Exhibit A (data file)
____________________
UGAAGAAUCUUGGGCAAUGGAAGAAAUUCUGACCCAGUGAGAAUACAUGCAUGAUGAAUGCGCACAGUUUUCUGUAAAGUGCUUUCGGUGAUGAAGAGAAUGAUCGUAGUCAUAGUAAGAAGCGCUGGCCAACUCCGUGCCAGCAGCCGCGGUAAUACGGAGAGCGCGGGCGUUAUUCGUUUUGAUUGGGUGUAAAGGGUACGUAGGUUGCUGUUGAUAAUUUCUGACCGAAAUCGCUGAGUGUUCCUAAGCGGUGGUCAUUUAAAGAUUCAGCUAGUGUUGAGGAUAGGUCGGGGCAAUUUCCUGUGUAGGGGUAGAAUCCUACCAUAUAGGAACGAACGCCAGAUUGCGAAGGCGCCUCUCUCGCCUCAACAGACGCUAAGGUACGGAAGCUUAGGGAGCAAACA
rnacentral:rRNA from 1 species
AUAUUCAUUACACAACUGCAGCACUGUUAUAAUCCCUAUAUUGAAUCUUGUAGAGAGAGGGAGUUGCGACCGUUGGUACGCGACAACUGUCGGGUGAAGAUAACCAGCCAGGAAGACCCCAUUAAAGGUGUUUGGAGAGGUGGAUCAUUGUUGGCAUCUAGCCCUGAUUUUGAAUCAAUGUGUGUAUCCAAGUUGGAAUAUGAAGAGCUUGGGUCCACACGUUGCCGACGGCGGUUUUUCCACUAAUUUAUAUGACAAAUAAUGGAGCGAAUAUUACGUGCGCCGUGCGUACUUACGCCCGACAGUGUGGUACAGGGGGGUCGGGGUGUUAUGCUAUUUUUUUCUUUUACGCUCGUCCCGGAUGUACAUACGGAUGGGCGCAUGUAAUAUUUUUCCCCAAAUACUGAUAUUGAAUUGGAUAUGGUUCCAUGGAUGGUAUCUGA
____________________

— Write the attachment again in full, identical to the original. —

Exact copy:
UGAAGAAUCUUGGGCAAUGGAAGAAAUUCUGACCCAGUGAGAAUACAUGCAUGAUGAAUGCGCACAGUUUUCUGUAAAGUGCUUUCGGUGAUGAAGAGAAUGAUCGUAGUCAUAGUAAGAAGCGCUGGCCAACUCCGUGCCAGCAGCCGCGGUAAUACGGAGAGCGCGGGCGUUAUUCGUUUUGAUUGGGUGUAAAGGGUACGUAGGUUGCUGUUGAUAAUUUCUGACCGAAAUCGCUGAGUGUUCCUAAGCGGUGGUCAUUUAAAGAUUCAGCUAGUGUUGAGGAUAGGUCGGGGCAAUUUCCUGUGUAGGGGUAGAAUCCUACCAUAUAGGAACGAACGCCAGAUUGCGAAGGCGCCUCUCUCGCCUCAACAGACGCUAAGGUACGGAAGCUUAGGGAGCAAACA
rnacentral:rRNA from 1 species
AUAUUCAUUACACAACUGCAGCACUGUUAUAAUCCCUAUAUUGAAUCUUGUAGAGAGAGGGAGUUGCGACCGUUGGUACGCGACAACUGUCGGGUGAAGAUAACCAGCCAGGAAGACCCCAUUAAAGGUGUUUGGAGAGGUGGAUCAUUGUUGGCAUCUAGCCCUGAUUUUGAAUCAAUGUGUGUAUCCAAGUUGGAAUAUGAAGAGCUUGGGUCCACACGUUGCCGACGGCGGUUUUUCCACUAAUUUAUAUGACAAAUAAUGGAGCGAAUAUUACGUGCGCCGUGCGUACUUACGCCCGACAGUGUGGUACAGGGGGGUCGGGGUGUUAUGCUAUUUUUUUCUUUUACGCUCGUCCCGGAUGUACAUACGGAUGGGCGCAUGUAAUAUUUUUCCCCAAAUACUGAUAUUGAAUUGGAUAUGGUUCCAUGGAUGGUAUCUGA